When I was in my final year of residency, a soldier was repatriated home from Afghanistan. He was the first injured soldier to be returned to our institution from that conflict. As I was the senior resident on call that weekend, it fell to me to get him admitted and determine whether he needed emergency surgery or was stable. Details were sketchy – all I knew was that he had severe but not life-threatening injuries and would arrive at some point over the weekend. Being a Medical Officer of the Canadian Forces had some advantages. I knew the doctor who was coordinating the transfer, but she knew just as little as I did.

I informed the hospital staff and some resistance was apparent. This patient would need isolation and a private room. The implications for the operating room were manifest, ie, final decontamination, difficulty with staffing on a weekend night etc, etc. All of these are the common plagues of a modern, publicly funded hospital. As I heard more and more reasons why this was difficult, and why we couldn’t do it, my thoughts turned to the injured soldier.

I knew he was a reservist, an infantryman in the same regiment I served in before medical school. He was a true volunteer: Soldiers in the regular force are expected to serve overseas, those in the reserve may choose to, but are not required. They have other jobs and pursue other careers. I found myself identifying with this man even before I met him. Like him, years before, I had been a reservist and contemplated serving overseas in a different conflict. In fact, I was doing work-up training for a tour of duty when I was accepted into medical school. I wondered if he had similar aspirations and goals. There was at least one important difference between he and I: He had been injured in the service of his country.

On the same day that he was injured, six others were killed. They were in the same vehicle, members of his section, a group of 10 men which comprises the backbone of the Canadian infantry. A section is commanded by a sergeant and three sections make up a platoon, three platoons a company, three companies a battalion. The members of a section live and work together; they rely on one another, literally, for their lives.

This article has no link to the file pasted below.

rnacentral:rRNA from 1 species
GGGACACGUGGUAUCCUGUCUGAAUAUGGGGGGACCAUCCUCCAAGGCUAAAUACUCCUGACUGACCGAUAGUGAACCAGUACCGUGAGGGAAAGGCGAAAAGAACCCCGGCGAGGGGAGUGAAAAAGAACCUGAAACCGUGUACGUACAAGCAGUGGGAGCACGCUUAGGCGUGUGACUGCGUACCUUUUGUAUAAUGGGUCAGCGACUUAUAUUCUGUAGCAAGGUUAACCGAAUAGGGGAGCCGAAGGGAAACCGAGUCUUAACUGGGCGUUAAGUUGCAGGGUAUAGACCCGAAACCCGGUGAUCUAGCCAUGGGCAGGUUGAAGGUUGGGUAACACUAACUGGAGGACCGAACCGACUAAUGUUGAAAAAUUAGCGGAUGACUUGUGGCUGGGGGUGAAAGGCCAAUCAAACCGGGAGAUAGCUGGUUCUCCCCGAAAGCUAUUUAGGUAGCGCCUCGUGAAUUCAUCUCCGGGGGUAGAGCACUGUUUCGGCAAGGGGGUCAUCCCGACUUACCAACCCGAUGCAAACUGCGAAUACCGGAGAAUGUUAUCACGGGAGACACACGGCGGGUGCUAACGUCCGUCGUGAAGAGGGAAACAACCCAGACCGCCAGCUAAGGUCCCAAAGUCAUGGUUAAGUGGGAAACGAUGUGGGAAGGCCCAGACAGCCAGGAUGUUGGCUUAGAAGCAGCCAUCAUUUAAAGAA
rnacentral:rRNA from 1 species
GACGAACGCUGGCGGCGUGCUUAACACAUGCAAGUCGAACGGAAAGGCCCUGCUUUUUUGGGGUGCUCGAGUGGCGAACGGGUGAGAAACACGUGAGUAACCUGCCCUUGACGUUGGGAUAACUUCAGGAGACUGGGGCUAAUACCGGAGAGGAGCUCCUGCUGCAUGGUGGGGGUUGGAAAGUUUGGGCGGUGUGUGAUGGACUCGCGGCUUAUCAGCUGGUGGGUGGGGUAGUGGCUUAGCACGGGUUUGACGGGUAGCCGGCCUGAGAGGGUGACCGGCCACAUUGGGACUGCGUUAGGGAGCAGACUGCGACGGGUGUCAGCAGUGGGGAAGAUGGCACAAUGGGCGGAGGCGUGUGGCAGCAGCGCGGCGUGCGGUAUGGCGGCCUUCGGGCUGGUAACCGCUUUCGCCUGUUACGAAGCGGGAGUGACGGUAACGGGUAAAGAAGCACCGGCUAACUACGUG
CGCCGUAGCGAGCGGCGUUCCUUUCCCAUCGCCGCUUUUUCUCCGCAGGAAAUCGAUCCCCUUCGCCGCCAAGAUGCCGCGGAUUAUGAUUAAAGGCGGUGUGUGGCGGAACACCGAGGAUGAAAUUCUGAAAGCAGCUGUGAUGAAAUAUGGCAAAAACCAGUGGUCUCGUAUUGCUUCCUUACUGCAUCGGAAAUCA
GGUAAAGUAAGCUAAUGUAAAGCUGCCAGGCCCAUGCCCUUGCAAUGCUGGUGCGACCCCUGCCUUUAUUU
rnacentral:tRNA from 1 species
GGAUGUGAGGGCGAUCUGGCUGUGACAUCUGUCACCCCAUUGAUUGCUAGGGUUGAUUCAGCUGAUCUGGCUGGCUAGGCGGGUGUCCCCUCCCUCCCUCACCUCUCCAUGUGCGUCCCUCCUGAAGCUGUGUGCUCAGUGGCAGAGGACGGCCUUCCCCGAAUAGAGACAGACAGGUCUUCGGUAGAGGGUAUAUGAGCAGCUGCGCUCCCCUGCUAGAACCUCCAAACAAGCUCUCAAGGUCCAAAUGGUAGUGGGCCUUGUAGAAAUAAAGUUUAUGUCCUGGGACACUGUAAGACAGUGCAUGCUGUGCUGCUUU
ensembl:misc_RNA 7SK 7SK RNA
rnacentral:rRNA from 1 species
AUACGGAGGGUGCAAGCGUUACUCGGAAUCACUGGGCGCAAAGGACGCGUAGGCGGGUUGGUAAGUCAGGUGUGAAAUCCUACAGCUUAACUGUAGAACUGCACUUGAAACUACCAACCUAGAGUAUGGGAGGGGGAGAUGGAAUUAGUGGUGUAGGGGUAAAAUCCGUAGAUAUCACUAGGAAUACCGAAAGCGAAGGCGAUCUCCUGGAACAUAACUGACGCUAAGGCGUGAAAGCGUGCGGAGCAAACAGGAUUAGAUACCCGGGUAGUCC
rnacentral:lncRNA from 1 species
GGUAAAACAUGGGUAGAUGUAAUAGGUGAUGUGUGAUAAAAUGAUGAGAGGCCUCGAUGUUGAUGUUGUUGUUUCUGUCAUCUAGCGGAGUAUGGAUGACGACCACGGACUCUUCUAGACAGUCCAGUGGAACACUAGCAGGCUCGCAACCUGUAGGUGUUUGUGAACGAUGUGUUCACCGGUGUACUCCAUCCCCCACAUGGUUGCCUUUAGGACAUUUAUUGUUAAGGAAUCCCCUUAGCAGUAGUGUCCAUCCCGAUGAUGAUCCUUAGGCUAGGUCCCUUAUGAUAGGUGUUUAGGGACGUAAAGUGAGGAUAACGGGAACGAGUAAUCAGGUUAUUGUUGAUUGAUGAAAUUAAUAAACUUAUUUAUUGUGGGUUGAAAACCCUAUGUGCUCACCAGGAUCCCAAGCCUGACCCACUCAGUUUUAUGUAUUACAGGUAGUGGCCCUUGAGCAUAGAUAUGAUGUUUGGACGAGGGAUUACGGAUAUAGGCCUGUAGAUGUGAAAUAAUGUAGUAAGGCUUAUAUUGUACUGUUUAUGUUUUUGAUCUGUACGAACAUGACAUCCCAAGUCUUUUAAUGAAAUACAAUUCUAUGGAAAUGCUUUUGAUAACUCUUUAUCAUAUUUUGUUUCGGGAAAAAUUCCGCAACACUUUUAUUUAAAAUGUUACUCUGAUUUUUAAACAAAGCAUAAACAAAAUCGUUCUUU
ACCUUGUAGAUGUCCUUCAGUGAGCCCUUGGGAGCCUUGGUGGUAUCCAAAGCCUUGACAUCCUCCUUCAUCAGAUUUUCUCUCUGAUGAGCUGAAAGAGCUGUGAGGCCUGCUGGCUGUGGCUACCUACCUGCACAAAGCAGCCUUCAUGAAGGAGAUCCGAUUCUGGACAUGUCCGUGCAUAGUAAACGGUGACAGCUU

“Fallen,” created after the first soldiers died in 2002 from an errant bomb

From the first day of basic training, soldiers are given fire-team partners and organized into sections. Your fire-team and section are everything in the infantry: You get all your orders from your section commander and carry them out with the members of the section, everything from a patrol to find or destroy enemies, to a defence to “dig-in” and defend an objective, to a “section-attack” – a frontal assault on an objective such as a machine-gun.

Because you train endlessly with these men, they become like brothers. Going into combat has been said to solidify this relationship. No one has expressed it better than William Shakespeare in Henry V

We few, we happy few, we band of brothers;
For he to-day that sheds his blood with me
Shall be my brother; be he ne’er so vile,
This day shall gentle his condition;
And gentlemen in England now-a-bed
Shall think themselves accurs’d they were not here,
And hold their manhoods cheap whiles any speaks
That fought with us upon Saint Crispin’s day.

I certainly knew nothing about combat, but I was in the infantry long enough to know a little about this brotherhood, and it struck me how devastating it would have been to lose six of my brothers.

The day that they were lost was very close to the anniversary of another dark day in the history of the Canadian Forces. In 1917, on a small ridge in a place called Vimy, 3,600 Canadian men lost their lives. All these men were also volunteers, sent to fight in a land overseas, in a conflict that they likely understood just as poorly. They came from all across Canada, boarded ships that brought them to England and then to Europe, and for 3,600 on that day in April 1917, their final destination. They were young and just as filled with adventure and duty, but they, like all soldiers before and after, didn’t go to war for duty. They didn’t go for their country or their God or for pay. They went for each other.

“Ghosts of Vimy Ridge” by William Longstaff, 1931. This painting hangs in the Canadian War Museum.

I remarked later to my wife, herself a veteran of Afghanistan, how that day in 1917 we lost 600 times as many, and she said six doesn’t seem like that many. “That’s not what I meant”, I told her. Each one of those men had a story just as these ones did, and I was trying to get to the devastating loss that Vimy was to a young and much less populous country, how six soldiers seemed an enormous loss, let alone 3,600.

With these thoughts in my head, and a very overworked and highly underappreciated staff at my hospital, I had to put things in perspective. I told them that I didn’t care about private rooms and resource allocation. We would never endanger other patients, but short of that we will do everything we can to treat this wounded soldier. I said that he is a hero of his country, and we will treat him as such.

These comments produced a moment of reflection and pause and completely diffused the situation. He arrived and was treated, the first and certainly not the last. The civilian hospitals that treat these soldiers are unfortunately getting used to them, and they still are coming back.

Reprinted with permission from the Fall 2009 issue of COA Bulletin


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